ASHLEIGH FURLONG writes: The South African National Aids Council (SANAC) has rejected claims of corruption and that there is a lack of confidence in the council.
SANAC civil society leaders responded today at the South African National AIDS Conference to a statement signed by five civil society organisations who alleged that SANAC has a “crisis of governance and legitimacy”. These organisations also said that the National Strategic Plan (NSP) for HIV and TB had various omissions and failed to provide “much-needed direction and leadership”.
SANAC guides and coordinates the writing of the NSP that deals with the period of 2017 to 2022.
The organisations who signed the statement are the Treatment Action Campaign (TAC), SECTION27, Legal Resources Centre (LRC), Masithandane End-Hate Crimes Collective and Rural Health Advocacy Project (RHAP).
Speaking to the media during the South African National AIDS Conference, the co-chairperson of SANAC’s civil society forum, Mabalane Mfundisi, called the NSP a “perfect imperfection”. He said it was a “culmination of many different voices” and that all these voices were reflected in the NSP.
If anyone wanted to question the legitimacy of the make-up of SANAC, Mfundisi said they should go to the IEC as it ran the election process.
The chairperson of SANAC’s National Civil Society Forum, Steve Letsike, said that “due processes” were followed. She said that the “root cause of the problem was about the power of resources” and that members of civil society are malicious and “violate each other”.
“Today we say this must come to an end.”
Referring to allegations that she was involved in corruption at SANAC, Letsike said “bring the evidence”.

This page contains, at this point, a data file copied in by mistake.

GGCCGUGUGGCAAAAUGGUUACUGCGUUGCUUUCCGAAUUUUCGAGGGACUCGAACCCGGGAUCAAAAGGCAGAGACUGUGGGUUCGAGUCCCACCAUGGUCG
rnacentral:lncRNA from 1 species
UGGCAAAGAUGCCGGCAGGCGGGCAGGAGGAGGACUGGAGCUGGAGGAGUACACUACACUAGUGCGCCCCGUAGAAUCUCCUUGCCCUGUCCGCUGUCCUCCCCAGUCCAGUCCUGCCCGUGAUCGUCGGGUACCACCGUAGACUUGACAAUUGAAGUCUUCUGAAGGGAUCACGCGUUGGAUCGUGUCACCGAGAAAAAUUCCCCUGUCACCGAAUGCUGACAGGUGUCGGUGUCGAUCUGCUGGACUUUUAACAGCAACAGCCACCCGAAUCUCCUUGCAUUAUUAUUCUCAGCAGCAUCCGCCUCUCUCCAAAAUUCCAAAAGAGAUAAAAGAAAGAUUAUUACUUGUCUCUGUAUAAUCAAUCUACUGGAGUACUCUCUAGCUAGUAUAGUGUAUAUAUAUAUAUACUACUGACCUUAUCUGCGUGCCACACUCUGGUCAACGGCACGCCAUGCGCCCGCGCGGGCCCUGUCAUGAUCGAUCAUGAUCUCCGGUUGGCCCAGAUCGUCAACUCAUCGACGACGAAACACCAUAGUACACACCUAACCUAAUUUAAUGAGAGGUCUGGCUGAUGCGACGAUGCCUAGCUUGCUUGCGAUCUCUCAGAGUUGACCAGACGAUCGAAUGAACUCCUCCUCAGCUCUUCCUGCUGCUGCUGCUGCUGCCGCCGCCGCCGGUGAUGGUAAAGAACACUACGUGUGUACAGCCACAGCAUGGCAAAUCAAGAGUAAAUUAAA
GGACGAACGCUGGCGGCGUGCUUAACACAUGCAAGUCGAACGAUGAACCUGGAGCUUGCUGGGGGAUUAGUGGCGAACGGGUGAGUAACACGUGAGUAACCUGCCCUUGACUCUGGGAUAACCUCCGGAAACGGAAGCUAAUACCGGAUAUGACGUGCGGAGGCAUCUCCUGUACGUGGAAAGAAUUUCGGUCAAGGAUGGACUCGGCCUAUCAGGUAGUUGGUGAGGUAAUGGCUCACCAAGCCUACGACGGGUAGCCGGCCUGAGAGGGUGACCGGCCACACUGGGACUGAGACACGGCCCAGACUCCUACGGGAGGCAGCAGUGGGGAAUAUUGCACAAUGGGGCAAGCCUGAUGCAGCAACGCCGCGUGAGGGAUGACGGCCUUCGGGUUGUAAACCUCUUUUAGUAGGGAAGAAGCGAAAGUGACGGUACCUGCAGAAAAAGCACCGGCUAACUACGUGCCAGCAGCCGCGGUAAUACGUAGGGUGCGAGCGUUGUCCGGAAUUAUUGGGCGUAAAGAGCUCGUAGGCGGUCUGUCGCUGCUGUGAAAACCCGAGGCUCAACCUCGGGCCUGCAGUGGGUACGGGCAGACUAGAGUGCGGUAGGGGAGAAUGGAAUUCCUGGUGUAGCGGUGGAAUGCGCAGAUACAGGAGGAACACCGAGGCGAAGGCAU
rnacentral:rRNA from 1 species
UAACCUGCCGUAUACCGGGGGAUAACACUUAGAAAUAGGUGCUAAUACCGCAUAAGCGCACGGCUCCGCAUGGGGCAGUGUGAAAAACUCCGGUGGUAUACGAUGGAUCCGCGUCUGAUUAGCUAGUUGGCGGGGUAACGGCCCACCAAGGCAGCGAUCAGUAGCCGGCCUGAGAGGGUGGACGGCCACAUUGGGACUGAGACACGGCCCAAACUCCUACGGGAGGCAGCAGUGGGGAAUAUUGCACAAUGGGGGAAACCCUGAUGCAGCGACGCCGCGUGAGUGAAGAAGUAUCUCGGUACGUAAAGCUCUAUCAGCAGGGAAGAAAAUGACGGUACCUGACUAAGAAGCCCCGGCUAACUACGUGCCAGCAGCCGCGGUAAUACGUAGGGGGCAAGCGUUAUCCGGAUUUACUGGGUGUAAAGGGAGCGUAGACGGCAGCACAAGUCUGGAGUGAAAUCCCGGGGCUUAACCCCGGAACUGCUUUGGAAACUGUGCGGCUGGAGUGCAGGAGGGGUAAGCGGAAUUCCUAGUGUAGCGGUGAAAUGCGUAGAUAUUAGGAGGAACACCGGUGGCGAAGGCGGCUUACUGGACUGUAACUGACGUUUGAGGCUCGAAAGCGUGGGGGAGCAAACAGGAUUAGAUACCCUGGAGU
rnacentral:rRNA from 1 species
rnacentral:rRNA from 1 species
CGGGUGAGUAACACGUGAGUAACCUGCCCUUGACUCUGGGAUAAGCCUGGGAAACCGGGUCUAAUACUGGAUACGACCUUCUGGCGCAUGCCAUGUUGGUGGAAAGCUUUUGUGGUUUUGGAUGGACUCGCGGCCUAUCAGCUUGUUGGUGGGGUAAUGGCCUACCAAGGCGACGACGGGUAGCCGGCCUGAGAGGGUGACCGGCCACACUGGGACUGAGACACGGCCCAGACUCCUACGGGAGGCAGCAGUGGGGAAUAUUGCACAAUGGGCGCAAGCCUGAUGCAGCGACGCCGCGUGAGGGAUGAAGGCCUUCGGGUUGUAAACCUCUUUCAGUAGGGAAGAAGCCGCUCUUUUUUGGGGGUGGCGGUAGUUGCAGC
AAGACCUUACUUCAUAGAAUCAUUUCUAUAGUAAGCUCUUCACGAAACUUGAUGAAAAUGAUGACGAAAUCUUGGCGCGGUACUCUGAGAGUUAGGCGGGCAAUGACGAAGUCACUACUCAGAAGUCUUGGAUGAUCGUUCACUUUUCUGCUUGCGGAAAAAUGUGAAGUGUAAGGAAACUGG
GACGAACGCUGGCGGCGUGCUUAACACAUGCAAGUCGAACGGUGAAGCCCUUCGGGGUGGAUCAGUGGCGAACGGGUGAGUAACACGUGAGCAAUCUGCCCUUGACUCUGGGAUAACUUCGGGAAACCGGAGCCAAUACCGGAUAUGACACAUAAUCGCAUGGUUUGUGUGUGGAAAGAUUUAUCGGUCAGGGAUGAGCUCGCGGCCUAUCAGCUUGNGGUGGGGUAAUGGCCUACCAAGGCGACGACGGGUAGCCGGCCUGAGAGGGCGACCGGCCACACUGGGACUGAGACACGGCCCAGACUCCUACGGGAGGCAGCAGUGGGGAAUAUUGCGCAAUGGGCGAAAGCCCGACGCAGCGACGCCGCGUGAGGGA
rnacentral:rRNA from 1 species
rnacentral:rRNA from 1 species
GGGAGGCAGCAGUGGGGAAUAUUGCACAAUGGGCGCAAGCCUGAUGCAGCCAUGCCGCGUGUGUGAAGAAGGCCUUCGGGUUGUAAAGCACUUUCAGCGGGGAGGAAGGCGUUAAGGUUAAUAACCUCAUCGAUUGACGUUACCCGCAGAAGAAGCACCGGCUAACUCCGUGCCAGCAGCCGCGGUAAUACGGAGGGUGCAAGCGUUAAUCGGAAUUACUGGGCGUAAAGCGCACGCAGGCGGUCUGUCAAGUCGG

“Tell me where I have at all been corrupt in SANAC. If you can’t bring that evidence, stop abusing us,” she said.
As for the R240,000 that was allocated to the office of deputy chair of SANAC (a position that Letsike also holds), Letsike said that this money was used to pay for things such as refreshments and administration. She didn’t receive this money, said Letsike, as her position was voluntary.
She was also questioned about not signing a declaration of her interests. Letsike said that she had delayed signing the declaration because she had unanswered questions regarding it, but that she has since signed it.
Mbulelo Dyasi, the secretary general of the Men’s Sector at SANAC, then questioned where and on what, money was spent in the AIDS sector. He called on Parliament and the Public Protector to assist them as they “must investigate the entire AIDS sector”.
“Who is funded and where is that money going to?” asked Dyasi. “They must tell us why only four white organisations are funded in South Africa, yet AIDS is black,” he said.
Jacqueline Bodibe, part of the Global Fund Coordinating Mechanism, said that a sex worker had been intimidated to prevent her from participating in the media briefing by an organisation that was “supposed to be protecting workers”. It is unclear which organisation she was referring to.
Bodibe said that it didn’t mean that if one was no longer in leadership at SANAC, things weren’t working. This was reiterated by a number of those from SANAC.
The leader of the Women’s Sector at SANAC, Khanyisa Dunjwa said: “The activism space is becoming a space of the privileged. [We] see ourselves fighting the different levels of the privilege.”
She also alleged that some people who belonged to organisations who signed the statement didn’t even know about the statement’s existence.